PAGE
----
The tree in the lower photo is very likely going to die. A large number of very lazy people have used it as an anchor for winching. Not a big deal if done correctly but many used it as an anchor without using a very aptly named, tree saver. The winch lines cut into the bark. This is kind of like strangling a tree.
Please, use a tree saver. You might just...get this...save a tree.
Water crossings can, of course, be both dangerous and damaging to the environment. Some factors to consider include the water depth, the speed it is flowing, and your recovery plan if things go wrong. There is the threat of Hydro-locking your engine to keep in mind too.
Along with safety considerations, there are also environmental considerations. No matter the water you are crossing, legally we must use the shortest, safest path, while going as slow as possible and as fast as necessary, to connect to the trail on the other side. This minimizes the impact on the river/stream bed and your vehicle.
Going slower may not be as much fun, but it is a LOT more fun than seeing your favorite trails closed. So, in the end, it is just the right thing to do.
NO TOW BALLS (or a ball hitch) FOR SNATCH RECOVERIES
This has been in the news far too many times. Unfortunately, people still think throwing a snatch strap over the tow ball is okay when recovering a stuck 4WD. This is a dangerous mistake.
Tow balls are not intended or designed for the stresses a snatch strap or, in many cases, a winch can put on them. Some (Class II) 2" tow-balls are rated as low as 2000 lbs. Most Class III 2" balls and hitches are rated between 3500 & 6000 lbs. but can be rated up to 10,000 lbs. That is still insufficient strength to recover many bogged rigs safely when using rolling (kinetic) snatching techniques. If you snatch off a tow ball, it can shear off and go flying through the air like a cannonball.
That piece of flying metal has the potential to kill and has done so in the past. In just one example, a lady was killed while recovering a stuck 4WD in deep sand. The tow ball broke off the stuck vehicle and flew through the windshield of the recovery rig, and killed the driver. Such a tragedy, and she was just trying to help out. A similar death occurred in 2022 when a hitch and ball broke, went through a windshield and killed Aman in front of his family.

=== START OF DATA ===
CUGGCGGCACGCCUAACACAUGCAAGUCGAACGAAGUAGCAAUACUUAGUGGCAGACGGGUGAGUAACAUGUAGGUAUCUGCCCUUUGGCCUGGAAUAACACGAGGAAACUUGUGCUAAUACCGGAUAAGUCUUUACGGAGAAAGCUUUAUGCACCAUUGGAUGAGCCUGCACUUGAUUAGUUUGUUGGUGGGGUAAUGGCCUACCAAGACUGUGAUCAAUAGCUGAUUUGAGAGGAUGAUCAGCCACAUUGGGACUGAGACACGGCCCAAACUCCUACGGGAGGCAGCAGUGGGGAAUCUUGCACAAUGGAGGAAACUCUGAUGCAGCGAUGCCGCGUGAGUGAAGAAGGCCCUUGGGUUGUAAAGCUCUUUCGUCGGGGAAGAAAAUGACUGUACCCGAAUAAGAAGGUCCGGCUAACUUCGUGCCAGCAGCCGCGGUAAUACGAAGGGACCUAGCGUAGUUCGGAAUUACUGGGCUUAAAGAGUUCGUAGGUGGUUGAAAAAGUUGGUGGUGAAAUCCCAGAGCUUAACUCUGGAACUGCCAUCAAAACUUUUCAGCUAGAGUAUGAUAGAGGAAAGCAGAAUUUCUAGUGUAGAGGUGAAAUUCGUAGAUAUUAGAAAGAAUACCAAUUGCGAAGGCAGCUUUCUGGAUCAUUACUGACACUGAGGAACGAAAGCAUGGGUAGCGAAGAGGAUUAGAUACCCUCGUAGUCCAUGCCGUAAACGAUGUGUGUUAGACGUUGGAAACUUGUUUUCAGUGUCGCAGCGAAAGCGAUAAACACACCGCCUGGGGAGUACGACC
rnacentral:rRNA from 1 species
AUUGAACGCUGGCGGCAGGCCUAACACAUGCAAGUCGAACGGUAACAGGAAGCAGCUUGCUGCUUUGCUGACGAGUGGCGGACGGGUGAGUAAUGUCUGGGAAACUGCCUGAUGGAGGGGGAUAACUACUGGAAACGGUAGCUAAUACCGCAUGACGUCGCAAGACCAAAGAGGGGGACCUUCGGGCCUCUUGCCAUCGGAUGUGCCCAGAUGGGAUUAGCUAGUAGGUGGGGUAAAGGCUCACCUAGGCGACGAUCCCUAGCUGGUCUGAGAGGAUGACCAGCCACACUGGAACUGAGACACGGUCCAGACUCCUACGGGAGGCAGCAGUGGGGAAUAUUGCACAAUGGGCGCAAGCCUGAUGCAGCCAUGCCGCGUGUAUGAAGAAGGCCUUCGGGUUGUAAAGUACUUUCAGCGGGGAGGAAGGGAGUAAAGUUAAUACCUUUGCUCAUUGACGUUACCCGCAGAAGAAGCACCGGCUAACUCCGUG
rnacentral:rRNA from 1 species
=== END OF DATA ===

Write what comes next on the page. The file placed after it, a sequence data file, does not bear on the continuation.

Please don't use tow-balls for recoveries. There are easy and far safer options, such as using a Shackle Hitch Receiver or, in a pinch, using the hitch pin.
A Little Winch Math:
Basic Winching and the effect of MUD.
What if your 4x4 is stuck in deep Mud? The depth of the bog (mire) will have a massive effect on the loaded weight of the vehicle being recovered. Here is a very simple guide for calculating the dead weight of the vehicle when in the mud. It's not scientific, but is is usable & easy to remember.
If stuck to the base of your wheels (known as "tire-depth"), it can require a pull of up to 75% to 100% of the loaded vehicle.
If stuck to the axles, it may require a pull of up to 150% of the weight of the stuck 4x4.
If stuck to the chassis/rocker panels+, depending on how deep, it can be 2x to 3x the total weight of the stuck vehicle! Think 2x at the rockers and 3x if you are bogged to the doors.
That's a potential pull of 300% of the load. 3x an average JKU Rubi is around 18,400lbs or so. So it is best to keep that in mind for a deeply mired rig.
Of course, pulling uphill makes things even worse.
Have your snatch block(s) handy, and make sure that ALL of your recovery gear is up to the task. And it is good form to pull out enough winch line that you are using the inner, more powerful layers on the drum for best results.